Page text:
dialogues concerning natural religion part 2 summary

dialogues concerning natural religion part 2 summary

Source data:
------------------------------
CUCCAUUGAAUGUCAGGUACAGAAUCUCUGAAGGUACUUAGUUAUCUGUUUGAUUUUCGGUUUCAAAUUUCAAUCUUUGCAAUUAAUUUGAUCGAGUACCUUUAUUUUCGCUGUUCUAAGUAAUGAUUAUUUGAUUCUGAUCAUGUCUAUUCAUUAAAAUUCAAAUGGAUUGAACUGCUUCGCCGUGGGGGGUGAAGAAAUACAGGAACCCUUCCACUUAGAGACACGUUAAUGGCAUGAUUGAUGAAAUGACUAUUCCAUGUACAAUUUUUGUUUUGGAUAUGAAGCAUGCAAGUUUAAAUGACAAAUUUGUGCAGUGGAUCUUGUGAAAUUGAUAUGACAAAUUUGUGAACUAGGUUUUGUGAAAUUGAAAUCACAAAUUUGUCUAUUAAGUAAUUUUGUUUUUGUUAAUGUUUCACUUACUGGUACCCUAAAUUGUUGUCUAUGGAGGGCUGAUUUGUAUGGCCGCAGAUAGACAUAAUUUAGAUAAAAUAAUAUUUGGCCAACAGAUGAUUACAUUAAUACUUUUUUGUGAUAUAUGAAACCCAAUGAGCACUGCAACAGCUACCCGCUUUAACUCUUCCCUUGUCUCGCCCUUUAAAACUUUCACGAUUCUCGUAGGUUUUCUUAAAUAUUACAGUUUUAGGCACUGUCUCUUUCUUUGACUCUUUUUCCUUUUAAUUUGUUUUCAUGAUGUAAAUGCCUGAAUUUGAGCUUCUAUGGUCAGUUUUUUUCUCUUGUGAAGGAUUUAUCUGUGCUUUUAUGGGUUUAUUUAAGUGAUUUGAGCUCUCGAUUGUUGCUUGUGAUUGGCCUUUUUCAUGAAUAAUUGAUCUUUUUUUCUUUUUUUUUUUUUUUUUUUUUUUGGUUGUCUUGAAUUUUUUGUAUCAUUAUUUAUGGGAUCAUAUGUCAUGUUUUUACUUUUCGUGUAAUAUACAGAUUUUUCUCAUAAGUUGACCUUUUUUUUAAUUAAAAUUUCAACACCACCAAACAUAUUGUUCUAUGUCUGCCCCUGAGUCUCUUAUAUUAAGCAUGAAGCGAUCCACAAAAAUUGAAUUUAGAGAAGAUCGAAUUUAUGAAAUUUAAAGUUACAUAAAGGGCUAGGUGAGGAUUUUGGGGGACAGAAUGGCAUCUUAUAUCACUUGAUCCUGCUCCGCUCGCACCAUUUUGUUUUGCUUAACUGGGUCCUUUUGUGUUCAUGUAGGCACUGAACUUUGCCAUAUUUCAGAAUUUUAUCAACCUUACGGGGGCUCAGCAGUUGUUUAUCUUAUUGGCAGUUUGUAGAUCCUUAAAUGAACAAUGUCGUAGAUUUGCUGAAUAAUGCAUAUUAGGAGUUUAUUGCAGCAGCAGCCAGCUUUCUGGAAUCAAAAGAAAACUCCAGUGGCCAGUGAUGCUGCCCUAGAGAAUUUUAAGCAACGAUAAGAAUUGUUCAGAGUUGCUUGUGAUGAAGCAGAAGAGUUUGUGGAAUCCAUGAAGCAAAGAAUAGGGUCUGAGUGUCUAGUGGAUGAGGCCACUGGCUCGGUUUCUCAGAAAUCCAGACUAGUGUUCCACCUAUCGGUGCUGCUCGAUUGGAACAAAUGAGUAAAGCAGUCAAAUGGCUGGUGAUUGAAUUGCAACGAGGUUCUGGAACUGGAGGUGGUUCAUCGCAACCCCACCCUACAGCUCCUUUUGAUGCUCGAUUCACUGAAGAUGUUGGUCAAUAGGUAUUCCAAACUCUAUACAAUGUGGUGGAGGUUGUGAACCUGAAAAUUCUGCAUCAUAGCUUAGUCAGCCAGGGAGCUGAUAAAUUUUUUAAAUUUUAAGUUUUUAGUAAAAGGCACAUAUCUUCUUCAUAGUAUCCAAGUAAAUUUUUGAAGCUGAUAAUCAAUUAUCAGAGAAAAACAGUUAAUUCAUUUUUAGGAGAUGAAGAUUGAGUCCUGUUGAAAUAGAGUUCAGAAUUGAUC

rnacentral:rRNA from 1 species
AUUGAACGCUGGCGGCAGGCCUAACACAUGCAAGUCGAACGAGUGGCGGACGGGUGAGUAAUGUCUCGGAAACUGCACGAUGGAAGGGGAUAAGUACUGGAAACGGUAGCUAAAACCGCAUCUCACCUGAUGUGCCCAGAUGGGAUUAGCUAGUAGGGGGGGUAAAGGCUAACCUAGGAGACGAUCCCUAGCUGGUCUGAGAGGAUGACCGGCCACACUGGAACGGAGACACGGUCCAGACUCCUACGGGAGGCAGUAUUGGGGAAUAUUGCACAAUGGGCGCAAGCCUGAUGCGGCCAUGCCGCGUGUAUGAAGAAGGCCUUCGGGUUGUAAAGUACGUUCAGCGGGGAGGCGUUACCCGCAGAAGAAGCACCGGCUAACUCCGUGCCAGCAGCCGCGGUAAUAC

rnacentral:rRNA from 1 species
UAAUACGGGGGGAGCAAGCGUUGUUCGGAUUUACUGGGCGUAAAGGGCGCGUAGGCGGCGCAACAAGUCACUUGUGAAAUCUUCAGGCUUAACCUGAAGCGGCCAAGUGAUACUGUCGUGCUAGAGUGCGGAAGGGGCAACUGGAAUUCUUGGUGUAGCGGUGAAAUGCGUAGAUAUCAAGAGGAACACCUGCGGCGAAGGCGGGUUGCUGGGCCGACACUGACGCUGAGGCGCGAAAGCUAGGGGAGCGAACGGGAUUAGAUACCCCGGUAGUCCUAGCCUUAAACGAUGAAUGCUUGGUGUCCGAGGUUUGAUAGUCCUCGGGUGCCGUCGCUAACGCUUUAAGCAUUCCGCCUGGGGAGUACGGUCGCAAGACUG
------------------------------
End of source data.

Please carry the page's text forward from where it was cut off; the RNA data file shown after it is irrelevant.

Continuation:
Course Hero, Inc. As a reminder, you may only use Course Hero content for your own personal use and may not copy, distribute, or otherwise exploit it for any other purpose. At this point, it seems that Philo has shown that the argument from design is manifestly invalid. Hume presents three characters, each of whom represent a different position on this issue, engaged in a dialogue together. It is therefore almost random to choose the analogy between the universe and a machine. Philo and Cleanthes proceed to argue about whether there is enough resemblance between objects humans create and objects in nature to conclude that natural objects must have a designer and creator like human-made objects do. The main idea behind teleological arguments is that various objects and systems in the universe have precise functions and purposes as if they were intentionally designed to complete specific tasks. "Dialogues Concerning Natural Religion Study Guide." First, the analogy between the universe and a machine is weak, for he claims that the world does not really resemble a machine all that well. December 6, 2019. The only real point of disagreement, he continues, is how strong this resemblance really is; what separates the atheist from the theist is only a question over the degree of analogy between man and God. Cleanthes disagrees with Demea and Philo. Demea despairs that Philo and Cleanthes seem to be treating the existence of God as if it were not a clear and indisputable fact. Second, the universe and a machine are not strictly analogous phenomena because they are not independently existing entities, rather the universe is a whole and a machine is a part of it. Because Hume is an empiricist (i.e. God, must be similar to a human designer, only much more perfect, in proportion with the greater perfection of his art. No proofs a priori!" He believes, in fact, that we cannot ever know the nature of God at all because God's nature is inherently beyond the capacity of human comprehension. On the other hand, intelligent design arguments claim that the successful characteristics of living creatures appear all at once, because of the handiwork of an intelligent creator. The Dialogues Concerning Natural Religion Community Note includes chapter-by-chapter summary and analysis, character list, theme list, historical context, author biography and quizzes written by community members like you. In this way, natural objects, such as plants and planets, resemble human-made objects, such as, skyscrapers and submarines. Second, the analogy between the universe and a machine does not necessarily work because it is not an analogy between two separately existing entities, but between the universe as a whole and certain parts of the universe (i.e. Most relevantly, we know that wherever there is a machine, there is some intelligent designer behind it. Course Hero, "Dialogues Concerning Natural Religion Study Guide," December 6, 2019, accessed November 26, 2020, https://www.coursehero.com/lit/Dialogues-Concerning-Natural-Religion/. Demea disapproves of Cleanthes's arguments, complaining that it is inappropriate to say that God resembles humans. "This, I hope," Demea says, is not by any means a question among us." Philo also argues that it is not true that all order we experience is caused by intelligence that we can sense. A dandelion seed moves across the land by taking advantage of the wind to spread dandelions across the land. The argument from design seems to be an argument by analogy, but it does not work even under this rubric. Course Hero. . Philo does not mind that the argument is a posteriori; his only complaint is that it is a bad argument. He quotes Nicolas Malebranche, who argued that there is nothing that should be said about God other than that God exists and is perfect. He argues that the claim that God is an intelligent designer does not even succeed in explaining why the world is ordered. man and the objects he manipulates). If it would not be selected for, then it would not exist to eventually become the functional and adaptive feature protozoa actually have. Philo agrees that God's existence is beyond doubt and he also agrees that God's nature cannot be known. He asserts that the first question is beyond doubt; the latter is initially undecided. Use up and down arrows to review and enter to select. Cleanthes argues the position of empirical theism—the position that we can come to know about God by reasoning from the evidence afforded us by nature—against these two opponents. Through dialogue, three philosophers named Demea, Philo, and Cleanthes debate the nature of God's existence. This small protrusion from a cell is used for the purposes of movement by protozoa. It is wholly obvious, he declares, that the ordered world has some intelligence behind it and that this intelligence bears some resemblance to the human mind. He does not approve of the claim that God and man are at all similar. In either case we have to ask how and why this happens. Learn exactly what happened in this chapter, scene, or section of Dialogues Concerning Natural Religion and what it means. SparkNotes is brought to you by Barnes & Noble. Finally, he ends by espousing a fideist position that would have made Demea proud if he had not already exited in a huff at the end of the previous chapter: philosophical skepticism, Philo tells Cleanthes, is the only proper route to true Christianity, it forces us to turn toward revelation by undermining our faith in reason. The success of scientific methods of inquiry, starting during the Enlightenment, provided significant ammunition for arguments that nature must have an intelligent designer. The type of argument Cleanthes puts forward for the existence of God is referred to as a teleological argument. 26 Nov. 2020. Because it has no evolutionary function, it would not be selected for in a natural selection process. In part II he attempts to demonstrate that the argument from design is not even an actual instance of the sort of argument it purports to be, and as such is faulty. Third, it seems to be false to claim that all order in the world is the result of intelligence. The historical figures who put forward arguments exactly like Cleanthes included English naturalist John Ray, English scholar and clergyman Richard Bentley, and English theologian William Derham. A summary of Part X (Section4) in David Hume's Dialogues Concerning Natural Religion. someone who thinks that all knowledge comes through experience), he thinks that a belief is rational only … Though we have never experienced God, we have experienced machines and we know a thing or two about them. Because the sailboat and the dandelion seed are similar in their effects, proponents of the simple analogy argument would reason that dandelions and sailboats must be similar in their causes. It is no easier to understand how God's thoughts might set the world in order than it is to understand how the material world might be its own source of order. Second, he is unhappy that Cleanthes is trying to use an a posteriori proof rather than a priori for God's existence (since the argument by design proves both God's nature and his being).